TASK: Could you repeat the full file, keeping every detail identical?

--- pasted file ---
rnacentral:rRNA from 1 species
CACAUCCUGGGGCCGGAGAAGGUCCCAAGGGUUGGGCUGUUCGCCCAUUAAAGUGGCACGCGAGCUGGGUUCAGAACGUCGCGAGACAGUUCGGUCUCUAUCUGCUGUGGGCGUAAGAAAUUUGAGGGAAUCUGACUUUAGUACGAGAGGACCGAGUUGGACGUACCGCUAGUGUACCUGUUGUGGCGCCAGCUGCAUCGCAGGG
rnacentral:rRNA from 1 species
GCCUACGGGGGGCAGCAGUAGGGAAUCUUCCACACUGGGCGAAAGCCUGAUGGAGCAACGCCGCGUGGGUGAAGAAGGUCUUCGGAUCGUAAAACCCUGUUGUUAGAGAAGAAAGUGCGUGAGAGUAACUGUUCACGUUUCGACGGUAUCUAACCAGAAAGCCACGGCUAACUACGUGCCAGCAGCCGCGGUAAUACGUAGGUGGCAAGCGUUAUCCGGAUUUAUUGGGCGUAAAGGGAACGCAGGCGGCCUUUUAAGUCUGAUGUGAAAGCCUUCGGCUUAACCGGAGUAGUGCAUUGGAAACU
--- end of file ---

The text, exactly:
rnacentral:rRNA from 1 species
CACAUCCUGGGGCCGGAGAAGGUCCCAAGGGUUGGGCUGUUCGCCCAUUAAAGUGGCACGCGAGCUGGGUUCAGAACGUCGCGAGACAGUUCGGUCUCUAUCUGCUGUGGGCGUAAGAAAUUUGAGGGAAUCUGACUUUAGUACGAGAGGACCGAGUUGGACGUACCGCUAGUGUACCUGUUGUGGCGCCAGCUGCAUCGCAGGG
rnacentral:rRNA from 1 species
GCCUACGGGGGGCAGCAGUAGGGAAUCUUCCACACUGGGCGAAAGCCUGAUGGAGCAACGCCGCGUGGGUGAAGAAGGUCUUCGGAUCGUAAAACCCUGUUGUUAGAGAAGAAAGUGCGUGAGAGUAACUGUUCACGUUUCGACGGUAUCUAACCAGAAAGCCACGGCUAACUACGUGCCAGCAGCCGCGGUAAUACGUAGGUGGCAAGCGUUAUCCGGAUUUAUUGGGCGUAAAGGGAACGCAGGCGGCCUUUUAAGUCUGAUGUGAAAGCCUUCGGCUUAACCGGAGUAGUGCAUUGGAAACU